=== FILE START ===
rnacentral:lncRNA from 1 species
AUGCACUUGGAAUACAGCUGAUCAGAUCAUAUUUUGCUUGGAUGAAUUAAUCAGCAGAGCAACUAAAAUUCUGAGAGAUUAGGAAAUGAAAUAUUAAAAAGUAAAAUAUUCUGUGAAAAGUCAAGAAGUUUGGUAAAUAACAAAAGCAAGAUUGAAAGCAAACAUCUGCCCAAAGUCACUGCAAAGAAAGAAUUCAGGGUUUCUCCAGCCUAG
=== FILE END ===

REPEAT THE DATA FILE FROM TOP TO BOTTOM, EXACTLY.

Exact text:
rnacentral:lncRNA from 1 species
AUGCACUUGGAAUACAGCUGAUCAGAUCAUAUUUUGCUUGGAUGAAUUAAUCAGCAGAGCAACUAAAAUUCUGAGAGAUUAGGAAAUGAAAUAUUAAAAAGUAAAAUAUUCUGUGAAAAGUCAAGAAGUUUGGUAAAUAACAAAAGCAAGAUUGAAAGCAAACAUCUGCCCAAAGUCACUGCAAAGAAAGAAUUCAGGGUUUCUCCAGCCUAG